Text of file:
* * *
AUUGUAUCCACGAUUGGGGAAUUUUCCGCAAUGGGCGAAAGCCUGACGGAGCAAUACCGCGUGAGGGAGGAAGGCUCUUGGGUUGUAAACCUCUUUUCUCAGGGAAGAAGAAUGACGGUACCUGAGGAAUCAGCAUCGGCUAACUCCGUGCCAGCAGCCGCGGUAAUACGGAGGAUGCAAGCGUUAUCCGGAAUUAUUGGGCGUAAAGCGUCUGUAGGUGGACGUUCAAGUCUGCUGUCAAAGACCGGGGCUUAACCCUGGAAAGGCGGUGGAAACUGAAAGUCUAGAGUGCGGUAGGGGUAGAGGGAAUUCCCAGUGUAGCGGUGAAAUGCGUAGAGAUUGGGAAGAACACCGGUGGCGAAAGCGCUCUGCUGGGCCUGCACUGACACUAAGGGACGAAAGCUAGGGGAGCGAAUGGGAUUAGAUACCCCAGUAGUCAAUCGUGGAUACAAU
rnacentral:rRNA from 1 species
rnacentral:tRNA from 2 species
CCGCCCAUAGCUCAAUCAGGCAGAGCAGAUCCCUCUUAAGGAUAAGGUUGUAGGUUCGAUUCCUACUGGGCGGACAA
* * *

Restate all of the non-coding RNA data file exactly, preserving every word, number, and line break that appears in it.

AUUGUAUCCACGAUUGGGGAAUUUUCCGCAAUGGGCGAAAGCCUGACGGAGCAAUACCGCGUGAGGGAGGAAGGCUCUUGGGUUGUAAACCUCUUUUCUCAGGGAAGAAGAAUGACGGUACCUGAGGAAUCAGCAUCGGCUAACUCCGUGCCAGCAGCCGCGGUAAUACGGAGGAUGCAAGCGUUAUCCGGAAUUAUUGGGCGUAAAGCGUCUGUAGGUGGACGUUCAAGUCUGCUGUCAAAGACCGGGGCUUAACCCUGGAAAGGCGGUGGAAACUGAAAGUCUAGAGUGCGGUAGGGGUAGAGGGAAUUCCCAGUGUAGCGGUGAAAUGCGUAGAGAUUGGGAAGAACACCGGUGGCGAAAGCGCUCUGCUGGGCCUGCACUGACACUAAGGGACGAAAGCUAGGGGAGCGAAUGGGAUUAGAUACCCCAGUAGUCAAUCGUGGAUACAAU
rnacentral:rRNA from 1 species
rnacentral:tRNA from 2 species
CCGCCCAUAGCUCAAUCAGGCAGAGCAGAUCCCUCUUAAGGAUAAGGUUGUAGGUUCGAUUCCUACUGGGCGGACAA